11.06.17 | Gaslighting

Gaslighting is the somewhat clunky gerund verb form of Gaslight -- a 1940s movie depicting a man set out to drive his wife into thinking she was going insane by means of manipulating her through the creation of a false reality. The term has slowly seeped from the psychological circles into the mainstream. It can describe any manipulation through willfully-induced disorientation. 

It may be applied at the wholesale level in the form of fake news. What is it that you can hold onto in the political world these days? Gaslighting would suggest an active perpetrator(s) with a private agenda and an unwary victim. Might the victim be an entire country? Of course it might. The means to do so looms large and promises to explode. 

Listen to this fifty-minute segment (link: Breaking News Radiolab, starting at mark 1:45) to get an idea of technology's potential to refract the world through your very own lying eyes. Software engineers are on the cusp of making audio/visual renderings entirely mutable and, from that, any sense of reality essentially virtual. What could possibly go wrong with that?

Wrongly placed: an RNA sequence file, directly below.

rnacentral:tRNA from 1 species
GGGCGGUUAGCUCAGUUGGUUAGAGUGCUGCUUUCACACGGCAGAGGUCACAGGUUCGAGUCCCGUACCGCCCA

A willfully-induced disorientation at the retail level is arguably at the crux of the systemic sexual assault phenomenon (link: We Are All Mad Here). Really. Could that hunk-a-hunk-of-burning-love movie mogul now known as Exhibit A ever have had his way without the power, the props, and those star-hinting promises? Then add the a-girl-can-get-confused assertion to keep a lid on the whole matter afterwards and you have classic gaslighting.

Let us reflect and share our own gaslighting examples whether at the personal level (it can be experienced in all directions and many different ways) or as witness perhaps to a mass delusion e.g. think perhaps, say, a financial bubble. 

Steve SmithComment